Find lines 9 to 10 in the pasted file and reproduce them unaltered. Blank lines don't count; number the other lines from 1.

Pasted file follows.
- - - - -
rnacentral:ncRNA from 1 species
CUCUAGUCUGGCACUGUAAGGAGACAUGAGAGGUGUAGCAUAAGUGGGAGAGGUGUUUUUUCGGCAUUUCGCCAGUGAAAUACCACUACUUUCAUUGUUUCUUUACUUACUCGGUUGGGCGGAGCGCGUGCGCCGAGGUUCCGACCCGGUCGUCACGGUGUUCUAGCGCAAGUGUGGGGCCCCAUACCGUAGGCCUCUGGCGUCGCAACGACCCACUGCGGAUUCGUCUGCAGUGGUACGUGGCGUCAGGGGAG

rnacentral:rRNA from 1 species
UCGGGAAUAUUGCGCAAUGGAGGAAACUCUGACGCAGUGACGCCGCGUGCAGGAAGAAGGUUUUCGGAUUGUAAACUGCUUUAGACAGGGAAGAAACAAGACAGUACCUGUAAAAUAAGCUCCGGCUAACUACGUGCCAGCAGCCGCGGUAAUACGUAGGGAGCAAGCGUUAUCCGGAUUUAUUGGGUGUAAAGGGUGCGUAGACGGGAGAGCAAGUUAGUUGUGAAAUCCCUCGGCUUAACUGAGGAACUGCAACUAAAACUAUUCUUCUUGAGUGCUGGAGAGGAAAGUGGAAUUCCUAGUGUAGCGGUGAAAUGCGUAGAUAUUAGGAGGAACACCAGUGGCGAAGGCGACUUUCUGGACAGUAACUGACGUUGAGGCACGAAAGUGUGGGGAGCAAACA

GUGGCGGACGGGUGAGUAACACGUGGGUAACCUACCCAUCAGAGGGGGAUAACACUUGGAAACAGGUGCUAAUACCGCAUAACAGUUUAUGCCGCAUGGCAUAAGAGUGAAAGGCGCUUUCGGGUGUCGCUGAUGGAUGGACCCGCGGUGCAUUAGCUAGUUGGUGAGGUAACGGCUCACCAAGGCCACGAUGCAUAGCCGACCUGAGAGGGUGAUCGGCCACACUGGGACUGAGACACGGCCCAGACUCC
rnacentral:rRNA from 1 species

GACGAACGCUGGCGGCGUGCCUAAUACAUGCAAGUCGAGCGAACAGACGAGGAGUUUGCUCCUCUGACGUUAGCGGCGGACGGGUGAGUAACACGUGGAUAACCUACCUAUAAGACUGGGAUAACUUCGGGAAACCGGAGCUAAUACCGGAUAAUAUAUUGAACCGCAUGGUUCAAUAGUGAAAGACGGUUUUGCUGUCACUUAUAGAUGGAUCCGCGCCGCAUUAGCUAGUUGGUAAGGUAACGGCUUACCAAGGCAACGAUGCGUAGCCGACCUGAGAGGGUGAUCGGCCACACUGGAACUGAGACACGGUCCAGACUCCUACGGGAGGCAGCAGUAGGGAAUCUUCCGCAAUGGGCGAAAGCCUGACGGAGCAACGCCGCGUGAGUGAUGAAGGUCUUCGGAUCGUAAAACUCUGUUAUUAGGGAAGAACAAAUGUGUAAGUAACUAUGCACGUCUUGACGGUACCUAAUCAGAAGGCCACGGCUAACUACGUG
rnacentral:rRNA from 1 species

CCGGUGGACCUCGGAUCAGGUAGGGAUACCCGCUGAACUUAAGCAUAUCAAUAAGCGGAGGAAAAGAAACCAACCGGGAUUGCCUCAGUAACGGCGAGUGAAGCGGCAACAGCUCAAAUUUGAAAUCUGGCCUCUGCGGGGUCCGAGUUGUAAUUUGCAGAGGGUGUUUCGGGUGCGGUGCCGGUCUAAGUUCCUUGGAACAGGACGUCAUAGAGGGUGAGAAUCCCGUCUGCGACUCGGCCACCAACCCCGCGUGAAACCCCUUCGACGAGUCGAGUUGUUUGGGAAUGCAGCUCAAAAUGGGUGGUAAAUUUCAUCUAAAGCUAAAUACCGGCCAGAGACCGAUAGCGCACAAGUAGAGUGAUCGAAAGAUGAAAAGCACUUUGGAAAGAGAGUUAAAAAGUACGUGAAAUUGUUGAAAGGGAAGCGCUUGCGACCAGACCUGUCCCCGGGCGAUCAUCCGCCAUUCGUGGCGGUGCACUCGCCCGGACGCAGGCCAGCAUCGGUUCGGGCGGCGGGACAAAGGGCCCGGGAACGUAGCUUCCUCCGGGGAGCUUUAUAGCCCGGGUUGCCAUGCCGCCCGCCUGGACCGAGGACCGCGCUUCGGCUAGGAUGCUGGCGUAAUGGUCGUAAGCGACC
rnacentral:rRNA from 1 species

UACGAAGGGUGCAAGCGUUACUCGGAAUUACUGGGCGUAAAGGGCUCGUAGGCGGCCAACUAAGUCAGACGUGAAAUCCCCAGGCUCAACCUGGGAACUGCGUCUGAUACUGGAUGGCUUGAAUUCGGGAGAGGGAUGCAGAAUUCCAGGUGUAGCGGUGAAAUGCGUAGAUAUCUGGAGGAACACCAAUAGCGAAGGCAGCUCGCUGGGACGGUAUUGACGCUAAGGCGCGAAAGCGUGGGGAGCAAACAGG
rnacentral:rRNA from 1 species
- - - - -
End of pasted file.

CCGGUGGACCUCGGAUCAGGUAGGGAUACCCGCUGAACUUAAGCAUAUCAAUAAGCGGAGGAAAAGAAACCAACCGGGAUUGCCUCAGUAACGGCGAGUGAAGCGGCAACAGCUCAAAUUUGAAAUCUGGCCUCUGCGGGGUCCGAGUUGUAAUUUGCAGAGGGUGUUUCGGGUGCGGUGCCGGUCUAAGUUCCUUGGAACAGGACGUCAUAGAGGGUGAGAAUCCCGUCUGCGACUCGGCCACCAACCCCGCGUGAAACCCCUUCGACGAGUCGAGUUGUUUGGGAAUGCAGCUCAAAAUGGGUGGUAAAUUUCAUCUAAAGCUAAAUACCGGCCAGAGACCGAUAGCGCACAAGUAGAGUGAUCGAAAGAUGAAAAGCACUUUGGAAAGAGAGUUAAAAAGUACGUGAAAUUGUUGAAAGGGAAGCGCUUGCGACCAGACCUGUCCCCGGGCGAUCAUCCGCCAUUCGUGGCGGUGCACUCGCCCGGACGCAGGCCAGCAUCGGUUCGGGCGGCGGGACAAAGGGCCCGGGAACGUAGCUUCCUCCGGGGAGCUUUAUAGCCCGGGUUGCCAUGCCGCCCGCCUGGACCGAGGACCGCGCUUCGGCUAGGAUGCUGGCGUAAUGGUCGUAAGCGACC
rnacentral:rRNA from 1 species